Procession director Robert Greene said he would have stopped filming at any point if it was harming his subjects. He followed six survivors of sexual abuse by Kansas City priests as they re-created scenes of their experiences in the church. Greene spoke at Deadline’s Contenders Film: Documentary about the Netflix movie.
“Basically, the first day of filming, which you see in the film, that could’ve been the last day of filming,” Greene said. “We started the meeting saying: ‘Today isn’t about what we’re going to do. Today is about whether we should do it.’ ”
A drama therapist, Monica Phinney, was involved in helping the men re-create the scenes in a healthy way. Procession technically wasn’t drama therapy, but Greene felt a responsibility to consult professionals throughout the process.
“We thought that doing these staged scenes that come from the guys, that come from the guys taking back power from these images, they’re taking back power from the church in a sense directly,” Greene said. “That could get at the heart of that a little bit better than just a more straightforward approach.”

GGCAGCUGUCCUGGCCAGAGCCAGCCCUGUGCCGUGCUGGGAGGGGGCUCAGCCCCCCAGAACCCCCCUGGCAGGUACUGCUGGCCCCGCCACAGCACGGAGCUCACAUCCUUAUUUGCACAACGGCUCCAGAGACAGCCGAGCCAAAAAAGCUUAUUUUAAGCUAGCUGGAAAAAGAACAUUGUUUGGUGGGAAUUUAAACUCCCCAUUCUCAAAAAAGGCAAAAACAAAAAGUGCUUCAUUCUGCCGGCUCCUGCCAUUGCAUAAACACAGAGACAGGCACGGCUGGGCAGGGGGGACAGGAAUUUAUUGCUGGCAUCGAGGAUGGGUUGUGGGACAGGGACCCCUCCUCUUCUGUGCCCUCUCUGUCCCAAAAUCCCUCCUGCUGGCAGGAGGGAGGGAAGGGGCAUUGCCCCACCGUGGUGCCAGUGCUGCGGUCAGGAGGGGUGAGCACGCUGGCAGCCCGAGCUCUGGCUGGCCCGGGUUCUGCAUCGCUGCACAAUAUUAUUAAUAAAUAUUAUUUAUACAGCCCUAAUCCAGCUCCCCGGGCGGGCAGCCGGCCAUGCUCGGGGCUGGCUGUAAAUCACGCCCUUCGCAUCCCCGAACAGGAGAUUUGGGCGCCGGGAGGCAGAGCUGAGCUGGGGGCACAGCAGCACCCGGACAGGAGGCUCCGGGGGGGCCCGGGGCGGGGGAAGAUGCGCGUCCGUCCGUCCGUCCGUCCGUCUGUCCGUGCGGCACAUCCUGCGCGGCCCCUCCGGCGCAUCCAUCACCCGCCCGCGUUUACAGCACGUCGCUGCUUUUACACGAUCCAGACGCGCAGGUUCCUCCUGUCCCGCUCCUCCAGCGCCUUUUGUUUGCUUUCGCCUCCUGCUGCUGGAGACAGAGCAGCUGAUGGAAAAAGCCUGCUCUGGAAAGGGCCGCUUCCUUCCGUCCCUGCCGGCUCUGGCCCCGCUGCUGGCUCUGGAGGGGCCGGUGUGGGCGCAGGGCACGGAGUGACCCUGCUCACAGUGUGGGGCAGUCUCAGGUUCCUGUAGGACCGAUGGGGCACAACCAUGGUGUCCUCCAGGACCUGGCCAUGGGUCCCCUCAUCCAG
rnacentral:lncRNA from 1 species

Greene added that the men’s lawyer articulated how trauma arises both from the abuse itself and taking power away from the victims. Recognizing that film involves power dynamics between directors and subjects, Greene allowed the subjects to put together their own recreations of their stories.
“Really what it was was just watching them empower each other,” Greene said. “This is about giving these guys power. Frankly, that made a more creative, more interesting film as well because their ideas were good. We knew making a movie can be cathartic itself.”
Procession is now streaming on Netflix.
Check out the panel video above.
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